2020 Hyundai Elantra
2020 Hyundai Elantra Limited in Fluid Metal (dark silver/gray metallic)

Quick Spin2020 Hyundai Elantra Limited

Class: Compact Car

Miles driven: 602

Fuel used: 18.0 gallons

CG Report Card
Room and ComfortB-
Power and PerformanceC+
Fit and FinishB-
Fuel EconomyB+
Report-card grades are derived from a consensus of test-driver evaluations. All grades are versus other vehicles in the same class. Value grade is for specific trim level evaluated, and may not reflect Consumer Guide's impressions of the entire model lineup.
Big & Tall Comfort
Big GuyB-
Tall GuyB-
Big & Tall comfort ratings are for front seats only. "Big" rating based on male tester weighing approximately 350 pounds, "Tall" rating based on 6'6"-tall male tester.
Engine Specs147-hp 2.0-liter
Engine Type4-cylinder
Transmission CVT automatic
Drive Wheelsfront

Real-world fuel economy: 33.4 mpg

Driving mix: 35% city, 65% highway

EPA-estimated fuel economy: 30/40/34 (city/highway/combined)

Fuel type: Regular gas

Base price: $22,800 (not including $930 destination charge)

Options on test vehicle: Ultimate Package ($3350), carpeted floor mats ($135)

Price as tested: $27,215


Quick Hits

The great: Features for the money, real-world fuel economy

The good: Simple control layout, outward visibility, ride quality

The not so good: Engine noise under acceleration, some interior materials not up to top-trim norm for the class

More Elantra price and availability information


CG Says:

Aside from getting a new transmission for 2020, the Elantra Limited we tested this year was much like the Elantra Limited we tested last year, so we invite you to read that report for more details. In the Elantra line as a whole, 2020 sees the addition of some standard safety features, which now include forward collision warning with automatic emergency braking, lane-keep assist, and driver attention monitor.

But that transmission seemed to make a notable difference — and not just to us.

2020 Hyundai Elantra
Partly due to its fastback roofline, rear-seat headroom may get tight for taller folks, but overall passenger space should be adequate for most. The tested Limited comes with dressy 17-inch alloy wheels and a host of features for the price.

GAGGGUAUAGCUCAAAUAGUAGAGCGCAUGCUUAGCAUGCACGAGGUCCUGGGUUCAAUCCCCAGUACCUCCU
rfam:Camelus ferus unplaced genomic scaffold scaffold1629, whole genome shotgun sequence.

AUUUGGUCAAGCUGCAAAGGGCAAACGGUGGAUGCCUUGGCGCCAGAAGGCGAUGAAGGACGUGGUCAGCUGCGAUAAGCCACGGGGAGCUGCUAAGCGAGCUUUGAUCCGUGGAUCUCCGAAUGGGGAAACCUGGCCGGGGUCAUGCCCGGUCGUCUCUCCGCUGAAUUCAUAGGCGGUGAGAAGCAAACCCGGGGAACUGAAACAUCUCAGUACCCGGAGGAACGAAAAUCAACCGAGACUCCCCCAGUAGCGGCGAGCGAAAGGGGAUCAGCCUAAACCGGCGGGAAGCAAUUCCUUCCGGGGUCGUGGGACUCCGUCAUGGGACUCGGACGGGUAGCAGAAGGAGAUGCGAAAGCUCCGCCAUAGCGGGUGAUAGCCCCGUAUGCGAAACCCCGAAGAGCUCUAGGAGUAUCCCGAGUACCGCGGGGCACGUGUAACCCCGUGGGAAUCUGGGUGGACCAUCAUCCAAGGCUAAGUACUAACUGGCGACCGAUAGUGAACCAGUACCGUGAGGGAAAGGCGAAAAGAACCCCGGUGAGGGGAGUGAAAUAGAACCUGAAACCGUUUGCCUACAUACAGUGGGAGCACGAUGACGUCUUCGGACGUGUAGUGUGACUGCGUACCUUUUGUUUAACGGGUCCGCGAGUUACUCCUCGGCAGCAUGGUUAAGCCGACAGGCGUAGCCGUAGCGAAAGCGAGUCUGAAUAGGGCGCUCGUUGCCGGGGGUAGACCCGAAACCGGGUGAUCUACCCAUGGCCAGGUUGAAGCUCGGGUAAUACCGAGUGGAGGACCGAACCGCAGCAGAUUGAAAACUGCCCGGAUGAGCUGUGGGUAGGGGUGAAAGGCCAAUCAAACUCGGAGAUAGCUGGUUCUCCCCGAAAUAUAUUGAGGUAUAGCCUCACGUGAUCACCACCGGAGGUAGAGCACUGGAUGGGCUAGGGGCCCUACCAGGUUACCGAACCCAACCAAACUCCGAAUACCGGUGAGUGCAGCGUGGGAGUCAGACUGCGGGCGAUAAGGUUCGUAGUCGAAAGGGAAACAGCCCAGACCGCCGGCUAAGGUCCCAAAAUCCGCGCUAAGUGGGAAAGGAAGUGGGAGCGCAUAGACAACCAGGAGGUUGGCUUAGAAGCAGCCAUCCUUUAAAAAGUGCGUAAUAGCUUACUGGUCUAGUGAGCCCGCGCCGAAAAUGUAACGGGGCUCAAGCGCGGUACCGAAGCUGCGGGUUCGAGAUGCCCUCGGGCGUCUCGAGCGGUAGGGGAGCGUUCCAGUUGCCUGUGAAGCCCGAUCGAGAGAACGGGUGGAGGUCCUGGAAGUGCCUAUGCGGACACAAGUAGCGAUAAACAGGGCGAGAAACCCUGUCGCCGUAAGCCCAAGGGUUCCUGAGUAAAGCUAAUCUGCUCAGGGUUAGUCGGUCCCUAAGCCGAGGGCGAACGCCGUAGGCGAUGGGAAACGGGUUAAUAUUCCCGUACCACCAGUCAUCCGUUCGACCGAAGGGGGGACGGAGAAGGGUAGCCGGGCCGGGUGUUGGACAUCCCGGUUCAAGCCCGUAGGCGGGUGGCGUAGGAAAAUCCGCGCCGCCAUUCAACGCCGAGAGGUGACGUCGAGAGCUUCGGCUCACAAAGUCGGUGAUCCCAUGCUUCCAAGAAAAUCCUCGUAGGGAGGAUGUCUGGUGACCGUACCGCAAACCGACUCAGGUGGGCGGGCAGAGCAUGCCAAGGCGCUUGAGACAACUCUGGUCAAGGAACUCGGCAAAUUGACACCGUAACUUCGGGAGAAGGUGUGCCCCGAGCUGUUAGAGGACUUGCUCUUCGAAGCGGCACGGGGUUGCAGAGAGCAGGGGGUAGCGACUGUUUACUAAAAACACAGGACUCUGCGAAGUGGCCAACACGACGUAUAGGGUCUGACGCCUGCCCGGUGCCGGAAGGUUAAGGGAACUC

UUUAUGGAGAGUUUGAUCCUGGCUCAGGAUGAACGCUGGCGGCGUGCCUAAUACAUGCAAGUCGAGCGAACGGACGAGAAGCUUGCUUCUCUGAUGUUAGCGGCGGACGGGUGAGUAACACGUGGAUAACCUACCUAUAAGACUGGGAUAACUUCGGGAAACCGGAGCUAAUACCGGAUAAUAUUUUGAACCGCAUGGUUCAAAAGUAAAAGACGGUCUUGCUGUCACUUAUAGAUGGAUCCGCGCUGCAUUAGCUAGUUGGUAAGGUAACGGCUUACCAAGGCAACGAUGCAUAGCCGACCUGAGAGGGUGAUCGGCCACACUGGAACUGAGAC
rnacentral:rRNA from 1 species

According to the EPA, a 2020 Elantra with the base 147-horsepower 2.0-liter engine and new CVT automatic transmission scores a 30 city/40 highway/34 combined mpg rating vs. 28/37/32 with last year’s conventional 6-speed automatic. That’s a 2-3 mpg jump. And our tests support those figures; this year we averaged 33.4 mpg in 65 percent highway driving, while last year’s car averaged 31.1 in 50 percent highway driving.

In other ways, however, most people probably wouldn’t notice the change. Many current CVTs are programmed to mimic the “feel” of a conventional automatic’s gear shifts, and this is one of them; it exhibits little of the rubber-banding effect some found annoying in early CVTs. While the car doesn’t leap off the line if you nail the throttle from a stop, it moves off quite well — maybe even better than average for the class — and the transmission kicks down very quickly when the throttle is pressed at speed. The only downside here is that the engine gets somewhat loud under throttle. So there’s little sacrifice for the fuel-economy benefit, including in price: Our 2020 tester started at just $200 more than the 2019 version.

Our overall impression of the Elantra still holds: That of a car that doesn’t excel in many areas, but doesn’t lag in any, either. It just seems … friendly.

Test Drive: 2019 Honda Civic Touring

2020 Hyundai Elantra